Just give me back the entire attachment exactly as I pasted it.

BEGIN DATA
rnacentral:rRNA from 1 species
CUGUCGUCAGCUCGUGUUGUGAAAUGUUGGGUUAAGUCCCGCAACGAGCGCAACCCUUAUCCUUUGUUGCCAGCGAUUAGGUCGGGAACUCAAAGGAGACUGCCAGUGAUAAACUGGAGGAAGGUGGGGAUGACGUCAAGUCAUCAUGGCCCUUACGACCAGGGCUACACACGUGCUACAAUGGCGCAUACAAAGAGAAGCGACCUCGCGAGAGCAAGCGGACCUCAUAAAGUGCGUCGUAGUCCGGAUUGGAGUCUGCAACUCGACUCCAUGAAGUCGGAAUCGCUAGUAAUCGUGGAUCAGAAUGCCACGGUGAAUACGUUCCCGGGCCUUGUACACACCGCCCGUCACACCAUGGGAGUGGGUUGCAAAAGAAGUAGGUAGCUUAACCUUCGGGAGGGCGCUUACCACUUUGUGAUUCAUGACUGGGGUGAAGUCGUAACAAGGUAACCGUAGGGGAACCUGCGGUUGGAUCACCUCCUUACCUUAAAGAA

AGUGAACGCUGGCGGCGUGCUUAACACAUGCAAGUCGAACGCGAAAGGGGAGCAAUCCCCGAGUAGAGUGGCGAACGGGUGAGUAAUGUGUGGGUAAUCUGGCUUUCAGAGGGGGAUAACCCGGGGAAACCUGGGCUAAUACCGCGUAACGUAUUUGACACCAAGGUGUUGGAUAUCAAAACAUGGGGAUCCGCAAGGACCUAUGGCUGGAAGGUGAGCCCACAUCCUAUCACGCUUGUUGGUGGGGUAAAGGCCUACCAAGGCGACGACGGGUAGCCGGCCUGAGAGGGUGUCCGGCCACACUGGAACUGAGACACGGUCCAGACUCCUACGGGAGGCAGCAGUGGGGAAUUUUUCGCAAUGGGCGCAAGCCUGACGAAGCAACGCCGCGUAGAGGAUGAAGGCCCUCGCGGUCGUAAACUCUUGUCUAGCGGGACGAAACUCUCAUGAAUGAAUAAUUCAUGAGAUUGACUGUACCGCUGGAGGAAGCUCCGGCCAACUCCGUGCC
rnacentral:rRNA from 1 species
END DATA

rnacentral:rRNA from 1 species
CUGUCGUCAGCUCGUGUUGUGAAAUGUUGGGUUAAGUCCCGCAACGAGCGCAACCCUUAUCCUUUGUUGCCAGCGAUUAGGUCGGGAACUCAAAGGAGACUGCCAGUGAUAAACUGGAGGAAGGUGGGGAUGACGUCAAGUCAUCAUGGCCCUUACGACCAGGGCUACACACGUGCUACAAUGGCGCAUACAAAGAGAAGCGACCUCGCGAGAGCAAGCGGACCUCAUAAAGUGCGUCGUAGUCCGGAUUGGAGUCUGCAACUCGACUCCAUGAAGUCGGAAUCGCUAGUAAUCGUGGAUCAGAAUGCCACGGUGAAUACGUUCCCGGGCCUUGUACACACCGCCCGUCACACCAUGGGAGUGGGUUGCAAAAGAAGUAGGUAGCUUAACCUUCGGGAGGGCGCUUACCACUUUGUGAUUCAUGACUGGGGUGAAGUCGUAACAAGGUAACCGUAGGGGAACCUGCGGUUGGAUCACCUCCUUACCUUAAAGAA

AGUGAACGCUGGCGGCGUGCUUAACACAUGCAAGUCGAACGCGAAAGGGGAGCAAUCCCCGAGUAGAGUGGCGAACGGGUGAGUAAUGUGUGGGUAAUCUGGCUUUCAGAGGGGGAUAACCCGGGGAAACCUGGGCUAAUACCGCGUAACGUAUUUGACACCAAGGUGUUGGAUAUCAAAACAUGGGGAUCCGCAAGGACCUAUGGCUGGAAGGUGAGCCCACAUCCUAUCACGCUUGUUGGUGGGGUAAAGGCCUACCAAGGCGACGACGGGUAGCCGGCCUGAGAGGGUGUCCGGCCACACUGGAACUGAGACACGGUCCAGACUCCUACGGGAGGCAGCAGUGGGGAAUUUUUCGCAAUGGGCGCAAGCCUGACGAAGCAACGCCGCGUAGAGGAUGAAGGCCCUCGCGGUCGUAAACUCUUGUCUAGCGGGACGAAACUCUCAUGAAUGAAUAAUUCAUGAGAUUGACUGUACCGCUGGAGGAAGCUCCGGCCAACUCCGUGCC
rnacentral:rRNA from 1 species